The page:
UnitedHealth Group recovering from significant cyberattack: CEO

He called it one of the worst attacks on a health care system in U.S. history.

March 19, 2024, 8:24 PM

The UnitedHealth Group -- one of the nation’s largest health care providers -- said it is making progress in its recovery from one of the worst cyberattacks on a health care system in United States history, its CEO said earlier this week.

On Feb. 21, UnitedHealth Group announced a hacking group called ALPHV -- also known as "BlackCat" -- breached its system. Its subsidiary Change Healthcare was hit hardest by the attack.

"Change Healthcare can confirm we experienced a cybersecurity issue perpetrated by a cybercrime threat actor who has represented itself to us as ALPHV/Blackcat," according to a statement on UnitedHealth Group's website.

Change Healthcare processes 15 billion health care transactions annually and touches 1 in every 3 patient records, according to a letter sent to the U.S. Department of Health and Human Services from the American Hospital Association. "These transactions include services that directly affect patient care and pharmacy operations, and the attack "imposed significant consequences on hospitals and the communities they serve."

Pharmacy, medical claims, and payment systems were targeted by the attack.

Change Healthcare will release medical claims software, which will be available to thousands of customers over the next several days. The company restored its electronic payments platform and 99% of its pharmacy network services are back, according to the statement from UnitedHealth Group.

UnitedHealth Group CEO Andrew Witty said in a statement Monday that it is continuing to "make significant progress in restoring the services impacted by this cyberattack.”

“We know this has been an enormous challenge for health care providers and we encourage any in need to contact us,” Witty said.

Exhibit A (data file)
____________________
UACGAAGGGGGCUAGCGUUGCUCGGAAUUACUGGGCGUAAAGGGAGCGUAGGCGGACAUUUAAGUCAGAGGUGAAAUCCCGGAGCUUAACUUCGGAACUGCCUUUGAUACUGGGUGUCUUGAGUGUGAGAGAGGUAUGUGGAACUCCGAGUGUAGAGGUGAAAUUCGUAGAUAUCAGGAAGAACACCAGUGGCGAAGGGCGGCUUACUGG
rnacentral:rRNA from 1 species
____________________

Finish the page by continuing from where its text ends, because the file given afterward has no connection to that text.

The company has paid more than $2 billion to assist health-care providers who’s finances have been impacted by the attack, Witty said.

Last week, the Department of Health and Human Services Office of Civil Rights said it is investigating the breach.

"Given the unprecedented magnitude of this cyberattack, and in the best interest of patients and health care providers, OCR is initiating an investigation into this incident," a letter written by OCR’s Director Melanie Fontes Rainer. "OCR's investigation of Change Healthcare and UHG will focus on whether a breach of protected health information occurred and Change Healthcare’s and UHG’s compliance with the HIPAA Rules."

The American Hospital Association called the cyberattack “the most significant and consequential incident of its kind against the U.S. healthcare system in history.” The association said that the attack made it challenging for hospitals to provide patient care, complete prescriptions, submit insurance claims, and receive payment.

Some of BlackCat's operations were disrupted by the FBI in December of 2023, and was responsible for such hacks as the MGM hack which shut down operations primarily along the Las Vegas strip at MGM properties.

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